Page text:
Oil edged up to around $42 a barrel on Wednesday after a report said U.S. fuel inventories fell, although rising crude supply and growing numbers of coronavirus cases that raise concern of stalling demand capped gains.
The American Petroleum Institute, an industry group, said stocks of gasoline and distillate fuel dropped, while crude inventories rose. [API/S] Official inventory numbers from the Energy Information Administration are due at 1430 GMT.
“Sentiment remains fragile,” said Jeffrey Halley, analyst at broker OANDA. “A surprise increase could well be enough to initiate another downward leg in crude prices,” he said, referring to crude inventories.
Brent crude was up 23 cents, or 0.6%, to $41.95 at 1035 GMT, reversing an earlier drop. U.S. West Texas Intermediate crude was up 16 cents, or 0.4%, at $39.96. Both contracts fell more than 4% on Monday, though they rose on Tuesday.
“Oil prices are still faring comparatively well today given all the headwinds they are facing – a firm U.S. dollar, concerns about demand, rising supply,” said Carsten Fritsch of Commerzbank.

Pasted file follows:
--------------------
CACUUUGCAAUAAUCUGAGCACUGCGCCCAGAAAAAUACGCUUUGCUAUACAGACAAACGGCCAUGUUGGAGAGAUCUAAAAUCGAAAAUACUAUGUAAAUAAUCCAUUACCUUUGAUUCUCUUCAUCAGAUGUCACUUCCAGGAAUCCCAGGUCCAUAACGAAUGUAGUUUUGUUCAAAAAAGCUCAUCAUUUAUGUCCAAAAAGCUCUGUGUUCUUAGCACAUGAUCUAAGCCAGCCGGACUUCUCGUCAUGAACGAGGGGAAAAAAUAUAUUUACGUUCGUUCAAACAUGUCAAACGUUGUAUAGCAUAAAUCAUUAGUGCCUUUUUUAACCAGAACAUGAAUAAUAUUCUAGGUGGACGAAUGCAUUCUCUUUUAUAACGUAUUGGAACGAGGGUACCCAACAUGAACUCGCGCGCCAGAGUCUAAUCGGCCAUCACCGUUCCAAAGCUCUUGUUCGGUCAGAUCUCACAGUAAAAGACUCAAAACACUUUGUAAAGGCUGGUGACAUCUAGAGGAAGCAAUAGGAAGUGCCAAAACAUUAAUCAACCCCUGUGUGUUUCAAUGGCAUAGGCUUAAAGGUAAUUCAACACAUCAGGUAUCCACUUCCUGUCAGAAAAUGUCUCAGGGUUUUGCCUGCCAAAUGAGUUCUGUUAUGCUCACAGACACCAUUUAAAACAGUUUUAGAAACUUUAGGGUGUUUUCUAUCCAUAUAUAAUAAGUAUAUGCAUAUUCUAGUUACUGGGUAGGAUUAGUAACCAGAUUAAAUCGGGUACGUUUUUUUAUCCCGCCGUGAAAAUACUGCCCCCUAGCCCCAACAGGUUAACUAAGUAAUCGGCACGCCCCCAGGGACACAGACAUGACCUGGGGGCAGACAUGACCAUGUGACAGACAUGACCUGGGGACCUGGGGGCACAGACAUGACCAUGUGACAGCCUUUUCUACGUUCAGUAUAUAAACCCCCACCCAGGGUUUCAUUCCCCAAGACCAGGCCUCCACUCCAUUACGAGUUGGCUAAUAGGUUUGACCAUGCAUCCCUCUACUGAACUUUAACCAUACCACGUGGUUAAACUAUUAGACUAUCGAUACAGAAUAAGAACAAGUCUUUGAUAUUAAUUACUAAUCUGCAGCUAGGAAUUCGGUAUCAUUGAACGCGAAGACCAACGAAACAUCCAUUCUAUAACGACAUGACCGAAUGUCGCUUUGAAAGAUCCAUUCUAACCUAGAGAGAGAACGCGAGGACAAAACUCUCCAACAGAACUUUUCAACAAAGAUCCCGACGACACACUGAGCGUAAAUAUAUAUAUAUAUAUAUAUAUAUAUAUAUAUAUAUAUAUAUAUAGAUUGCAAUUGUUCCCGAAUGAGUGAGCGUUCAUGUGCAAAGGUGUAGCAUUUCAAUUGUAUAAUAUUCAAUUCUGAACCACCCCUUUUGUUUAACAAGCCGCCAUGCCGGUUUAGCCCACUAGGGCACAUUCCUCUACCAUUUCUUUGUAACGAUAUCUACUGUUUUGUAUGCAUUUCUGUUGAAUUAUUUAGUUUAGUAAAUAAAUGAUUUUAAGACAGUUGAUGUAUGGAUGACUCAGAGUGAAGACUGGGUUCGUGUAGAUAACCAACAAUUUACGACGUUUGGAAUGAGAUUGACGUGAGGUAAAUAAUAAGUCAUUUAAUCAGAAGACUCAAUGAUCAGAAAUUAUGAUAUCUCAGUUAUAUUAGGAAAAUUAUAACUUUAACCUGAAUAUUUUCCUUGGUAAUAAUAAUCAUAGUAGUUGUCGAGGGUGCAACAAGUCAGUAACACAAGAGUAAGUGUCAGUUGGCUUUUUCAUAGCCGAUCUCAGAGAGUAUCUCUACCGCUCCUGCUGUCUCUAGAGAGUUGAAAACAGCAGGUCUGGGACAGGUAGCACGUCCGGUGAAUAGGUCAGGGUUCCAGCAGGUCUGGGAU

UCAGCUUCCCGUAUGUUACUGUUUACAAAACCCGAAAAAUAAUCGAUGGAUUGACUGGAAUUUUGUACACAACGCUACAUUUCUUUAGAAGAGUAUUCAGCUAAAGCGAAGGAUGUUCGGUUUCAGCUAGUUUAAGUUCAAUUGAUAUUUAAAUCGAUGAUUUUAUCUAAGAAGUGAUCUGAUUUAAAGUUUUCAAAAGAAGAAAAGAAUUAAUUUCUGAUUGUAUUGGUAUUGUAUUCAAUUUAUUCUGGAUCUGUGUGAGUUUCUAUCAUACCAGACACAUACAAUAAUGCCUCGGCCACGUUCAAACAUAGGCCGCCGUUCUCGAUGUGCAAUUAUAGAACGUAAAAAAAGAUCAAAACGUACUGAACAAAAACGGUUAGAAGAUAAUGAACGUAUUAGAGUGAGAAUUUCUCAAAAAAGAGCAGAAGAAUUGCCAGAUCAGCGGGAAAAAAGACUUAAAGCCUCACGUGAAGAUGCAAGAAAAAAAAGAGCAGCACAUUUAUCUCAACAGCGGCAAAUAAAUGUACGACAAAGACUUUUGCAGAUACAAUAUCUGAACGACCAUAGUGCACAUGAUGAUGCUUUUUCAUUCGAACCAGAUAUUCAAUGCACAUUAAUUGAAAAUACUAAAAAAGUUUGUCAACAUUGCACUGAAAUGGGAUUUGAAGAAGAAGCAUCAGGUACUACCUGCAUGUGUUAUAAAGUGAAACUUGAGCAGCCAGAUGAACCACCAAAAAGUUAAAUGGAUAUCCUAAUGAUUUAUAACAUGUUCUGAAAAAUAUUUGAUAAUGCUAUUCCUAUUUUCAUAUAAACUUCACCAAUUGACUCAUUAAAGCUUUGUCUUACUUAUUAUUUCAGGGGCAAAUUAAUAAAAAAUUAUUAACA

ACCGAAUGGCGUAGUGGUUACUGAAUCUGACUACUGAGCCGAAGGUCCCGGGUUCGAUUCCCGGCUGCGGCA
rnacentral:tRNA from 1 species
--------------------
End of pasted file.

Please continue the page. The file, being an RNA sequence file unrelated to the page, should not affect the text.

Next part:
Surging infections in countries including India, France and Spain and new restrictions in Britain have renewed worries about demand, just as more supply may come from Libya. In the United States, the COVID-19 death toll has passed 200,000.
Oil collapsed as the pandemic decimated demand, with Brent falling below $16, a 21-year low, in April. A record output cut by the Organization of the Petroleum Exporting Countries and allies, known as OPEC+, has helped revive prices.
OPEC faces a new challenge in that Libya, an OPEC member exempt from the supply cut, is aiming to boost supply after an easing of the country’s conflict. Still, previous recoveries have not lasted.
“The road to recovery will be long and bumpy,” said Stephen Brennock of broker PVM.
Additional reporting by Aaron Sheldrick; editing by Kirsten Donovan and Mark Potter